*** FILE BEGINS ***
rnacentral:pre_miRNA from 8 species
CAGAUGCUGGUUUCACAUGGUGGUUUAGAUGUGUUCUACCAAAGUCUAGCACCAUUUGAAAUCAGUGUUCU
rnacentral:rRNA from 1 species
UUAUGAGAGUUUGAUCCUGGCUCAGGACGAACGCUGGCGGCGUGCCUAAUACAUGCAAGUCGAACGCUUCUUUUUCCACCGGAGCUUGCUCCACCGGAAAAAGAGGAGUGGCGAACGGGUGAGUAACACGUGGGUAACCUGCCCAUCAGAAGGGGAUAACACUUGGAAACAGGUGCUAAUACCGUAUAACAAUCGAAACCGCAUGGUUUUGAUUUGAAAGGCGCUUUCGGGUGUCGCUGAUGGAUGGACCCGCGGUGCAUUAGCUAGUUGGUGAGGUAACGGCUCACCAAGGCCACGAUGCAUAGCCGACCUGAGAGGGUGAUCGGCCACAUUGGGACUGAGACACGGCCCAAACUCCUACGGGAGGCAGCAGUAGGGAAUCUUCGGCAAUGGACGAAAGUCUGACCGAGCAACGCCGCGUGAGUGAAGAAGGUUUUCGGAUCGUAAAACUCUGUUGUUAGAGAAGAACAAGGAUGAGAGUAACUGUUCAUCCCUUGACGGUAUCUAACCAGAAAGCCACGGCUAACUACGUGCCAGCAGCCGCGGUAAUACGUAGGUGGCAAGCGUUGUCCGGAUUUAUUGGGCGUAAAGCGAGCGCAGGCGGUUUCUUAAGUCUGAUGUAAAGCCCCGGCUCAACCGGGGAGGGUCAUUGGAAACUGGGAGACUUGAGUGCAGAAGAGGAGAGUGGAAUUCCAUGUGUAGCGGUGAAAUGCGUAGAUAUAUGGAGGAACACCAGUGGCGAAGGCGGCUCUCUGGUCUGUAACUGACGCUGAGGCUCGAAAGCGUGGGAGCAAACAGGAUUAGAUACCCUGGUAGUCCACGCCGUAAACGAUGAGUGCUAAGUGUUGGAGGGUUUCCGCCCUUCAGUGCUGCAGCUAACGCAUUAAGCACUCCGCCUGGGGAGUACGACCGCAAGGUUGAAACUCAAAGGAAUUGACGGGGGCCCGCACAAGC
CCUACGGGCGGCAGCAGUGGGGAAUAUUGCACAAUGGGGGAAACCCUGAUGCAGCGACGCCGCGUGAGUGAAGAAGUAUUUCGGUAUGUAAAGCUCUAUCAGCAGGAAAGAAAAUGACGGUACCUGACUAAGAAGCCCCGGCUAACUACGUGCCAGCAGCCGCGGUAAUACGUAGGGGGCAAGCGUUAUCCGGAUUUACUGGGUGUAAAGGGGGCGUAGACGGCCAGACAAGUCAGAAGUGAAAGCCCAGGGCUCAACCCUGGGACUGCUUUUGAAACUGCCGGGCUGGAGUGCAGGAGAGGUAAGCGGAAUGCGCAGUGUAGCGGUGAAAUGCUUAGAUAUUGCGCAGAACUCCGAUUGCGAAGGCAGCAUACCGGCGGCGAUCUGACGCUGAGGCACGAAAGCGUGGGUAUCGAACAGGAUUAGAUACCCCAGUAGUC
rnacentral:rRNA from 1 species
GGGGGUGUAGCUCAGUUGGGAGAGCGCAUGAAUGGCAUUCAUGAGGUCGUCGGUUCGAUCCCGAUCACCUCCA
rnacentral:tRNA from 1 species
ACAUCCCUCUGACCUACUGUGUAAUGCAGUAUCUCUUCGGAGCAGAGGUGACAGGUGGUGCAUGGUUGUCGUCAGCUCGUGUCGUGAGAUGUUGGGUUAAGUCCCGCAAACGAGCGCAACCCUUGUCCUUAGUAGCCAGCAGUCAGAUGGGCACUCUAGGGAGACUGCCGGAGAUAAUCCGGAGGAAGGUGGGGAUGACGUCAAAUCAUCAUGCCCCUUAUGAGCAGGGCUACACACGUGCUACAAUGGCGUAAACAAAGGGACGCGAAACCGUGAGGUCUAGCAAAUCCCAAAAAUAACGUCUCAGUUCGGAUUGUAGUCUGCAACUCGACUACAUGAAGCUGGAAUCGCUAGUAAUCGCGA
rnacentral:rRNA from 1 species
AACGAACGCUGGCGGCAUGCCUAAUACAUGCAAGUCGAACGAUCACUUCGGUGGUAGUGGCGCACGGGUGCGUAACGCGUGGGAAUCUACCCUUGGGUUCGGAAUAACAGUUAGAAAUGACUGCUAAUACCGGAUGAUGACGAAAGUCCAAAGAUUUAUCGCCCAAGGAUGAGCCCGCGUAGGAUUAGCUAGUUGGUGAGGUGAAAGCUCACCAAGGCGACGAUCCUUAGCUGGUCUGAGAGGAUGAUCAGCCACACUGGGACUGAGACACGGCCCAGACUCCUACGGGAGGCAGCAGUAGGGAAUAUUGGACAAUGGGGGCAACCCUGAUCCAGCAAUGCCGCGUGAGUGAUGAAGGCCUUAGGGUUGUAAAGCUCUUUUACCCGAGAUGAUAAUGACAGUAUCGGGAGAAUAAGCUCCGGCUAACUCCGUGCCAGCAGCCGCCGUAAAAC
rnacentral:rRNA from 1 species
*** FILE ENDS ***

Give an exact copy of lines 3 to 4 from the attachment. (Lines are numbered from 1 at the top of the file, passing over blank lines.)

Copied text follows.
rnacentral:rRNA from 1 species
UUAUGAGAGUUUGAUCCUGGCUCAGGACGAACGCUGGCGGCGUGCCUAAUACAUGCAAGUCGAACGCUUCUUUUUCCACCGGAGCUUGCUCCACCGGAAAAAGAGGAGUGGCGAACGGGUGAGUAACACGUGGGUAACCUGCCCAUCAGAAGGGGAUAACACUUGGAAACAGGUGCUAAUACCGUAUAACAAUCGAAACCGCAUGGUUUUGAUUUGAAAGGCGCUUUCGGGUGUCGCUGAUGGAUGGACCCGCGGUGCAUUAGCUAGUUGGUGAGGUAACGGCUCACCAAGGCCACGAUGCAUAGCCGACCUGAGAGGGUGAUCGGCCACAUUGGGACUGAGACACGGCCCAAACUCCUACGGGAGGCAGCAGUAGGGAAUCUUCGGCAAUGGACGAAAGUCUGACCGAGCAACGCCGCGUGAGUGAAGAAGGUUUUCGGAUCGUAAAACUCUGUUGUUAGAGAAGAACAAGGAUGAGAGUAACUGUUCAUCCCUUGACGGUAUCUAACCAGAAAGCCACGGCUAACUACGUGCCAGCAGCCGCGGUAAUACGUAGGUGGCAAGCGUUGUCCGGAUUUAUUGGGCGUAAAGCGAGCGCAGGCGGUUUCUUAAGUCUGAUGUAAAGCCCCGGCUCAACCGGGGAGGGUCAUUGGAAACUGGGAGACUUGAGUGCAGAAGAGGAGAGUGGAAUUCCAUGUGUAGCGGUGAAAUGCGUAGAUAUAUGGAGGAACACCAGUGGCGAAGGCGGCUCUCUGGUCUGUAACUGACGCUGAGGCUCGAAAGCGUGGGAGCAAACAGGAUUAGAUACCCUGGUAGUCCACGCCGUAAACGAUGAGUGCUAAGUGUUGGAGGGUUUCCGCCCUUCAGUGCUGCAGCUAACGCAUUAAGCACUCCGCCUGGGGAGUACGACCGCAAGGUUGAAACUCAAAGGAAUUGACGGGGGCCCGCACAAGC